A couple of weeks ago, I mentioned that I would be keen to add small cap fund manager Miton Group to the SIF Portfolio. On that occasion, Miton was outranked by XLMedia in my screen results. But things have changed. At the time of writing, Miton is now the highest-ranked stock in my screen which isn’t already in the portfolio.
This gives me a welcome opportunity to look more closely at this promising stock. While fund manager Gervais Williams is a key attraction, does it make sense to invest in a small fund manager at this point in time? Is the group in a position to deliver rising returns?
Has Trump hit the portfolio?
Before I look at Miton, I want to take a brief look at last week’s biggest story. I have to admit that I wasn’t really surprised that Donald Trump won the election. I was on vacation in the US in October, and the support I saw for Trump in small towns and rural areas of the north east was overwhelming.
Watching the US television coverage of the campaign felt very much like a rerun of Brexit. The issues and characterisations on both sides of the debate were much the same, just scaled up!
Getting back to the markets, the initial impact on the portfolio has been marginally positive. Trump’s pledge to boost infrastructure and defence spending lifted the portfolio’s holdings in Somero Enterprises, BAE Systems and John Laing. After a flying start, gold ended the week lower. Pan African Resources fell slightly as a result. The remainder of the portfolio was pretty much flat.
I remain happy with most of the portfolio, but it’s not always easy to measure whether a portfolio has the characteristics you’re targeting. Luckily, Stockopedia’s Folio system provides some excellent tools to help with this. One example is this snapshot, comparing key portfolio ratios with the market averages:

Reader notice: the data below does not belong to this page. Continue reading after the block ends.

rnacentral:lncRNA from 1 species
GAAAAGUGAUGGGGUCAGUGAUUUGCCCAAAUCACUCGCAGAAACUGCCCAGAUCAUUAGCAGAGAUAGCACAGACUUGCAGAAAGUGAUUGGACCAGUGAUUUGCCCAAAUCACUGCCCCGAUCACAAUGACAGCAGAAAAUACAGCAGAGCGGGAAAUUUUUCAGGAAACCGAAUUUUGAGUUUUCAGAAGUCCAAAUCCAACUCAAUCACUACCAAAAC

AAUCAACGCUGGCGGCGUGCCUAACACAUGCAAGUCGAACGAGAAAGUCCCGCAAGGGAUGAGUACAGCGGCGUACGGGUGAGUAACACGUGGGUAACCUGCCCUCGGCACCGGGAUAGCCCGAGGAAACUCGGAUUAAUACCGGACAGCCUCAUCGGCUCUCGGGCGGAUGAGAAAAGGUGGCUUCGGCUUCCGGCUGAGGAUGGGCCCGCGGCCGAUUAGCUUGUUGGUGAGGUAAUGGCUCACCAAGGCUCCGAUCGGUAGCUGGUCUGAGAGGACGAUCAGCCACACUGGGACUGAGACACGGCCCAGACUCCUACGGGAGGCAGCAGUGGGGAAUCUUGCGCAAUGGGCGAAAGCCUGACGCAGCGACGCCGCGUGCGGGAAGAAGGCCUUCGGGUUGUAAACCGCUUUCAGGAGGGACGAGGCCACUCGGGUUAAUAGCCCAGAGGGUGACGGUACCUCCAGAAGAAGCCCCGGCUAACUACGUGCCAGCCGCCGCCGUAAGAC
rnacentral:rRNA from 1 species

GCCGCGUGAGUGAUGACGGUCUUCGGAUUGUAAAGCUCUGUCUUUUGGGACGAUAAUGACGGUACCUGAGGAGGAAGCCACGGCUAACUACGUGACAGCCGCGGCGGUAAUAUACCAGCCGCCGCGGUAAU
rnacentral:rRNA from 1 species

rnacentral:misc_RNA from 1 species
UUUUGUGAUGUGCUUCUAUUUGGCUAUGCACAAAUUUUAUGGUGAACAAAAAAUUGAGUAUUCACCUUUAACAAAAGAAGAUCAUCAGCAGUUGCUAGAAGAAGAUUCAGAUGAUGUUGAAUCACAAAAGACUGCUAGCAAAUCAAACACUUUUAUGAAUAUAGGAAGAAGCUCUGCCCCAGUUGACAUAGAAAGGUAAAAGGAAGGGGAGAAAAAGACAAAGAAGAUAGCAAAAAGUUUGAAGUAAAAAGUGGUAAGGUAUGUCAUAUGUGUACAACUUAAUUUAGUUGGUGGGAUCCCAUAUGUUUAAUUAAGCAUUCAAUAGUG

The dark blue lines represent the SIF Portfolio, the light blue is the market average. I think it’s fair to say that the portfolio is meeting its brief of “Affordable Growth. A blend of value, growth, quality and momentum.” The only area where I’m falling short slightly is the PEG ratio, which at 1.1 is slightly higher than the market average.
Let’s move on and take a look at Miton Group.
Is the future small?
Fans of Gervais Williams, Miton’s managing director, will recognise the title of his latest book, The Future Is Small. For an introduction to Mr Williams’ investing style, I’d recommend both the book and his interview with Ben Hobson earlier this year. In a nutshell, Mr Williams is a specialist small-cap investor.
Gervais Williams isn’t the only fund manager at Miton, but he is jointly responsible for managing almost 50% of the group’s assets. In my view there’s a degree of key person risk here, although it’s not a critical issue.
Miton had £2.7bn of assets under management (AUM) and £18.4m of net cash at the end of August. Adjusted pre-tax profit rose by 35% to £3.1m during the first half, while net revenue also rose by 35% to £9.6m, suggesting that underlying profitability remained unchanged.
The firm’s reported results have been mixed since the financial crisis. Judging from the 2014 results slides, this is probably because the group has shifted its focus heavily towards equity during this period, and undergone some restructuring. There have been significant shifts in AUM, but growth is expected to become more progressive.